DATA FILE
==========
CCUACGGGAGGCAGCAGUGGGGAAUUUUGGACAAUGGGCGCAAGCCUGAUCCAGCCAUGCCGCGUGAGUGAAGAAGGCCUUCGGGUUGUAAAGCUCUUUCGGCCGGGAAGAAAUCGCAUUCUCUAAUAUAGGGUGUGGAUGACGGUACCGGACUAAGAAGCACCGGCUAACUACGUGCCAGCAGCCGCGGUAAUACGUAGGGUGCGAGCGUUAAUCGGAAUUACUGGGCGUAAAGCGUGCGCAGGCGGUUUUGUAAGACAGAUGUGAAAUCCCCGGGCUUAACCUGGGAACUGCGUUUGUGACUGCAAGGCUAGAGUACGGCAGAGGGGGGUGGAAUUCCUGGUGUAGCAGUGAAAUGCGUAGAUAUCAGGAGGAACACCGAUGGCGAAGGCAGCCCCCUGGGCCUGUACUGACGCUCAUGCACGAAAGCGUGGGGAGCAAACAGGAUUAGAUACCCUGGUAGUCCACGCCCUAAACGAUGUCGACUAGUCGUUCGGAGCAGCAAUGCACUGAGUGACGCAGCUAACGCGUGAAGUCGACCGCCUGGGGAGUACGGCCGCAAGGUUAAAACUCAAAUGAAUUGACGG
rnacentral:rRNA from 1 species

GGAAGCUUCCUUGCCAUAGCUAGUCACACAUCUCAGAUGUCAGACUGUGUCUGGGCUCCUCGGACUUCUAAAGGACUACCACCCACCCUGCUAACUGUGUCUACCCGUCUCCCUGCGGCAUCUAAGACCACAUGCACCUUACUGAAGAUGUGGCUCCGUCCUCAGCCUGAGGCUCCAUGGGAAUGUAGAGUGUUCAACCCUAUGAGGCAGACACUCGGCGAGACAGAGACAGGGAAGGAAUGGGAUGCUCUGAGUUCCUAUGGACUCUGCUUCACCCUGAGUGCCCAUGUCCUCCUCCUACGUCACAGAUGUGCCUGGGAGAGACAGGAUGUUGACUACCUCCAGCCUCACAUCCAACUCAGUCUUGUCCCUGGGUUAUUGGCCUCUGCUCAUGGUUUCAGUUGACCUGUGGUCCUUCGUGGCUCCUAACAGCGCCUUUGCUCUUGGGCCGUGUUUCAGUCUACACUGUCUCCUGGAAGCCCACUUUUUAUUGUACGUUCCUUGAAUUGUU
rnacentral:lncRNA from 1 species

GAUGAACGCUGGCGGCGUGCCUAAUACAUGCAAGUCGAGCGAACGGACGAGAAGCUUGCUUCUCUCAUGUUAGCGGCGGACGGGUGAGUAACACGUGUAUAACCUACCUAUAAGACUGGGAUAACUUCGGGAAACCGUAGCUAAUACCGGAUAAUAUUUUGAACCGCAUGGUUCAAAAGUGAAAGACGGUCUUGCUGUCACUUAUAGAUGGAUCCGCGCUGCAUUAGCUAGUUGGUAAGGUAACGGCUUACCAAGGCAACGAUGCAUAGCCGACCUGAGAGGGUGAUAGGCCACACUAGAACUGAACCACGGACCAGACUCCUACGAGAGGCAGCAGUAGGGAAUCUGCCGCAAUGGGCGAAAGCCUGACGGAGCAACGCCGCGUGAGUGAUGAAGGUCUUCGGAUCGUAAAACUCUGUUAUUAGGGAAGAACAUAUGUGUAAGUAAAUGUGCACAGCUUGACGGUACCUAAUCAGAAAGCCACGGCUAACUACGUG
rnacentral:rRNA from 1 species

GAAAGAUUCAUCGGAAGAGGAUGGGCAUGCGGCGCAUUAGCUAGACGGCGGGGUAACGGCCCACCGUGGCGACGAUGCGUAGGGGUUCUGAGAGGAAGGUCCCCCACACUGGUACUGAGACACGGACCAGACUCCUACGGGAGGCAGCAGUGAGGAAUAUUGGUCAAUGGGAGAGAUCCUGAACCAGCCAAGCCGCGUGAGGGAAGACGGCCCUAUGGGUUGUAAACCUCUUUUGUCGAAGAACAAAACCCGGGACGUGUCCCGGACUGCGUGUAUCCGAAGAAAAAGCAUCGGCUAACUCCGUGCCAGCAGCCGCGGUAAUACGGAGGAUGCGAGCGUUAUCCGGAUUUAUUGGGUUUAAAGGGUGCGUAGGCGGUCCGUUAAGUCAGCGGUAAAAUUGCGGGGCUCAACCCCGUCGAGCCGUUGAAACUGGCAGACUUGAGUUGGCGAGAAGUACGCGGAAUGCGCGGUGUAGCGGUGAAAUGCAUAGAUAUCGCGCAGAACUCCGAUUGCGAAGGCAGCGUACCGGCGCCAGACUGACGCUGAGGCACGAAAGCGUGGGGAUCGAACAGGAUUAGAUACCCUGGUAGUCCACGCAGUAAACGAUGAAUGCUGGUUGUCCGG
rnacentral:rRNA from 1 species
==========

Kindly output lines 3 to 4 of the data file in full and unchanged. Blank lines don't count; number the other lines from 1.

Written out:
GGAAGCUUCCUUGCCAUAGCUAGUCACACAUCUCAGAUGUCAGACUGUGUCUGGGCUCCUCGGACUUCUAAAGGACUACCACCCACCCUGCUAACUGUGUCUACCCGUCUCCCUGCGGCAUCUAAGACCACAUGCACCUUACUGAAGAUGUGGCUCCGUCCUCAGCCUGAGGCUCCAUGGGAAUGUAGAGUGUUCAACCCUAUGAGGCAGACACUCGGCGAGACAGAGACAGGGAAGGAAUGGGAUGCUCUGAGUUCCUAUGGACUCUGCUUCACCCUGAGUGCCCAUGUCCUCCUCCUACGUCACAGAUGUGCCUGGGAGAGACAGGAUGUUGACUACCUCCAGCCUCACAUCCAACUCAGUCUUGUCCCUGGGUUAUUGGCCUCUGCUCAUGGUUUCAGUUGACCUGUGGUCCUUCGUGGCUCCUAACAGCGCCUUUGCUCUUGGGCCGUGUUUCAGUCUACACUGUCUCCUGGAAGCCCACUUUUUAUUGUACGUUCCUUGAAUUGUU
rnacentral:lncRNA from 1 species